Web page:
Czech Republic: How can blockchain help you protect your intellectual property?

published on 14 September 2023 | reading time approx. 2 minutes
Imagine you have just composed a song, written a scientific paper, or completed a film or a book. You are wondering how to obtain a relatively efficient and low-cost basic proof that the intellectual property you've created is yours. There are many ways you can approach this problem in the Czech legal system. For example, you can go to a notary and ask him to issue a notarial deed about your intellectual property. You can also register a trademark, patent, design, trade secret, copyright and, of course, you can always try the least popular method – file a lawsuit. However, all these methods have one problem in common – they are all rather time-consuming and expensive.  




Recent technological developments have brought a revolutionary solution to this problem, namely the use of a digital distributed ledger system called blockchain, which stores data in a way that cannot be altered or erased later. It is an automated system that can give you a proof of intellectual property and help you protect and enforce your rights. It is very simple. You upload your file into the system, which issues you a special certificate with an electron-ic signature with a specific date and time and stores it in so-called blocks. which are then shared between individual users. The records are encrypted (using an immutable code called a hash), a part of which can be accessed by users to confirm the existence of the record. The blockchain thus provides very reliable proof that at any given time a file was uploaded to it by its user – the intellectual property owner. 
A number of such blockchain databases specialising in intellectual property have been created in the Czech Republic and abroad. You may have heard of the acronym NFT (Non-Fungible Tokens), which are records created according to a similar blockchain technology and traded on various platforms. In the past, the World Intellectual Property Organization (WIPO) created a its own token system, the so-called WIPO Proof, but discontinued this project in early 2022 due to economic and technological complexity.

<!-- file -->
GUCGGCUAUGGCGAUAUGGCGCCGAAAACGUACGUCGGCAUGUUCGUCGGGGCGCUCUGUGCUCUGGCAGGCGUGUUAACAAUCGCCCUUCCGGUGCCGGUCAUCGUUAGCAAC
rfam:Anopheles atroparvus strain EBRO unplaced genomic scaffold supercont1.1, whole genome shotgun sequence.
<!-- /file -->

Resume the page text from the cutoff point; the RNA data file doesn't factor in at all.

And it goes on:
How do the courts in the Czech Republic view these blockchain certificates? So far, we don’t know yet from the day-to-day practice of Czech courts, but in theory and according to law, a blockchain certificate should be treated in the same way as any other written proof. In addition, Czech law, when regulating electronic legal transactions, gives a certain ad-vantage to documents that are systematically and sequentially recorded in an electronic system and are protected against changes. Such electronic documents are deemed reliable unless proven otherwise.
What are the possible risks or drawbacks of using blockchain? One thing to remember is that you have to be the real author of your work when you upload it to blockchain. If some-one else does it before you or without your permission, you as a real author might have a problem proving your ownership if the malicious party produces the certificate/contract from the blockchain as evidence at court. 
Another thing to consider is that many judges may find it difficult to understand how block-chain works. You might have to explain it to them or hire an expert to do so.
There is also an issue with personal data protection. Once you put something on the block-chain, you cannot change it or delete it. This could be a problem if your work contains per-sonal data that you are not allowed to use or keep, i.e. you do not have the sufficient legal title for data processing. You also cannot update or delete personal data if the people who gave it to you exercise their personal data rights as so-called data subjects. It is therefore advisable to consider avoiding personal data or using a cryptographic code instead of per-sonal data.
Last but not least, the negative environmental impact of operating blockchains may also be a deal breaker for many users.

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